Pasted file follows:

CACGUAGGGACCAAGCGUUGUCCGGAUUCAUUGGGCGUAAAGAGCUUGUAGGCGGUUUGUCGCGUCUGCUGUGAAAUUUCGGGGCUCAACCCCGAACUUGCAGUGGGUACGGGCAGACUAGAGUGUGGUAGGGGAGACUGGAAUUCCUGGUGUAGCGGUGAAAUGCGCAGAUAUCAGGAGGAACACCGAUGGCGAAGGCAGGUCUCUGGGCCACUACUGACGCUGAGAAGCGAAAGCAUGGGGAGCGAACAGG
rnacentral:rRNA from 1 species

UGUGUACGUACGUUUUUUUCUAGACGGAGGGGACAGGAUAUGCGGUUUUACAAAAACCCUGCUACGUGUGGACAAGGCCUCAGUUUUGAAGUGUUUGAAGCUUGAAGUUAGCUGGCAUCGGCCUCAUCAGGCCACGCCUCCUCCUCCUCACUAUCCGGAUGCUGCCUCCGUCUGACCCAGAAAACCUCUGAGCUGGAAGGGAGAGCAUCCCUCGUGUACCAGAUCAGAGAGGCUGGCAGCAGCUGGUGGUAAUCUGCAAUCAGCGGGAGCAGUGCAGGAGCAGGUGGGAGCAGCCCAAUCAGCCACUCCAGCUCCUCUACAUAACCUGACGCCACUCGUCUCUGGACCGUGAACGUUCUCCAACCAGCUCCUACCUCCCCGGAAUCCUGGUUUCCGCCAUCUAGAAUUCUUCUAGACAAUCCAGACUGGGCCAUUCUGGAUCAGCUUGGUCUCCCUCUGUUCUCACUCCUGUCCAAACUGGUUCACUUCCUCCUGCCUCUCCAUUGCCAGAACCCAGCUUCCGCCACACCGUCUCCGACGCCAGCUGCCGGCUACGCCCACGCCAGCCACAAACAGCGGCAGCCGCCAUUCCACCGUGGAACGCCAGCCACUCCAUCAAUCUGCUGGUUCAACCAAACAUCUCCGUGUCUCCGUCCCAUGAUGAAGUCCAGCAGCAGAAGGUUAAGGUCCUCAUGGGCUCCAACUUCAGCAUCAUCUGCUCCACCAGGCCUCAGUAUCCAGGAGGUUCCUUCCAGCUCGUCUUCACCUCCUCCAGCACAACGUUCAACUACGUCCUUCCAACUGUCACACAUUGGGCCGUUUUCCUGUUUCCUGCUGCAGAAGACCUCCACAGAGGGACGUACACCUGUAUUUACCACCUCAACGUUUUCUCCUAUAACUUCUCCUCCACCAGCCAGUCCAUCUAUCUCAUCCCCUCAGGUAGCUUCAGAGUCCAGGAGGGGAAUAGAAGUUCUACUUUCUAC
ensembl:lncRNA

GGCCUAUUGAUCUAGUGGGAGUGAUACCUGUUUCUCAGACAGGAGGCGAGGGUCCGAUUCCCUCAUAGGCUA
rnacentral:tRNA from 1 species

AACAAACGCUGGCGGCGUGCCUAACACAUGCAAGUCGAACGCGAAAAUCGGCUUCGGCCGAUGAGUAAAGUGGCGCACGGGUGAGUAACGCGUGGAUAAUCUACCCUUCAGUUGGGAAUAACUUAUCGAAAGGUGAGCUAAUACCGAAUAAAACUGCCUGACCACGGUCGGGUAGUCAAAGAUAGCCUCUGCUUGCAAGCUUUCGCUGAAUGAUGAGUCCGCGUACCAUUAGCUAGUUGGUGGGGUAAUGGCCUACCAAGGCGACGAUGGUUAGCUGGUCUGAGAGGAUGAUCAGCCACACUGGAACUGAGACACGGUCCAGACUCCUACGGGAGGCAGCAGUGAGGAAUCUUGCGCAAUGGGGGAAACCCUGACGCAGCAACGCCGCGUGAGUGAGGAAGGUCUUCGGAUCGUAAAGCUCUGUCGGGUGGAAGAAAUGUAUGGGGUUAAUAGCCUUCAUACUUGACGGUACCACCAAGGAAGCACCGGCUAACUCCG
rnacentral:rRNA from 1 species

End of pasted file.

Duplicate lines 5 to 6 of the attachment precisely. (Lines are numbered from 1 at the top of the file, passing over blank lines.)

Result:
GGCCUAUUGAUCUAGUGGGAGUGAUACCUGUUUCUCAGACAGGAGGCGAGGGUCCGAUUCCCUCAUAGGCUA
rnacentral:tRNA from 1 species